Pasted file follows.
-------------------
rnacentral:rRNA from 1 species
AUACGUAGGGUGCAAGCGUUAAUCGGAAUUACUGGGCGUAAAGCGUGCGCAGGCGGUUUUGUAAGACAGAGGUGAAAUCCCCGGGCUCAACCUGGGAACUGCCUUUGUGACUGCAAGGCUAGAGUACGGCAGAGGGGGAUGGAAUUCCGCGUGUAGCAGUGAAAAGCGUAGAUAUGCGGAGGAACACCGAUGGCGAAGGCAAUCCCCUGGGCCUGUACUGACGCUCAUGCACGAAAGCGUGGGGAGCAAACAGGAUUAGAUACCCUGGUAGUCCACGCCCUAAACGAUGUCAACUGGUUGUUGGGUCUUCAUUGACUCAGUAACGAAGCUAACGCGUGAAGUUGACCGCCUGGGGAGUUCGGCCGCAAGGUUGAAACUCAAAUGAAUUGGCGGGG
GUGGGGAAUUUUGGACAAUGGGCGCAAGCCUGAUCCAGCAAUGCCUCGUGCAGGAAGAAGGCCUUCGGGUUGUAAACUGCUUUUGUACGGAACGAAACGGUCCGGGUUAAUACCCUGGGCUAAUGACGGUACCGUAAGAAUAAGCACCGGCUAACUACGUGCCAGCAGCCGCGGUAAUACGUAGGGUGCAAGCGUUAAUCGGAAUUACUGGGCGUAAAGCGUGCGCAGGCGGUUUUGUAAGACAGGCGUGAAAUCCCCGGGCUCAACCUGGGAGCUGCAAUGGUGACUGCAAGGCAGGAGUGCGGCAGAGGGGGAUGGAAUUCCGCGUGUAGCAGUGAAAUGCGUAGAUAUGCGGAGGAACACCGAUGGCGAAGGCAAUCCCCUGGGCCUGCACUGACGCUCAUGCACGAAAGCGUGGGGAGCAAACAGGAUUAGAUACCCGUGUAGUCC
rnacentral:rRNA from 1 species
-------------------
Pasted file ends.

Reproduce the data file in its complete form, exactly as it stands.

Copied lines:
rnacentral:rRNA from 1 species
AUACGUAGGGUGCAAGCGUUAAUCGGAAUUACUGGGCGUAAAGCGUGCGCAGGCGGUUUUGUAAGACAGAGGUGAAAUCCCCGGGCUCAACCUGGGAACUGCCUUUGUGACUGCAAGGCUAGAGUACGGCAGAGGGGGAUGGAAUUCCGCGUGUAGCAGUGAAAAGCGUAGAUAUGCGGAGGAACACCGAUGGCGAAGGCAAUCCCCUGGGCCUGUACUGACGCUCAUGCACGAAAGCGUGGGGAGCAAACAGGAUUAGAUACCCUGGUAGUCCACGCCCUAAACGAUGUCAACUGGUUGUUGGGUCUUCAUUGACUCAGUAACGAAGCUAACGCGUGAAGUUGACCGCCUGGGGAGUUCGGCCGCAAGGUUGAAACUCAAAUGAAUUGGCGGGG
GUGGGGAAUUUUGGACAAUGGGCGCAAGCCUGAUCCAGCAAUGCCUCGUGCAGGAAGAAGGCCUUCGGGUUGUAAACUGCUUUUGUACGGAACGAAACGGUCCGGGUUAAUACCCUGGGCUAAUGACGGUACCGUAAGAAUAAGCACCGGCUAACUACGUGCCAGCAGCCGCGGUAAUACGUAGGGUGCAAGCGUUAAUCGGAAUUACUGGGCGUAAAGCGUGCGCAGGCGGUUUUGUAAGACAGGCGUGAAAUCCCCGGGCUCAACCUGGGAGCUGCAAUGGUGACUGCAAGGCAGGAGUGCGGCAGAGGGGGAUGGAAUUCCGCGUGUAGCAGUGAAAUGCGUAGAUAUGCGGAGGAACACCGAUGGCGAAGGCAAUCCCCUGGGCCUGCACUGACGCUCAUGCACGAAAGCGUGGGGAGCAAACAGGAUUAGAUACCCGUGUAGUCC
rnacentral:rRNA from 1 species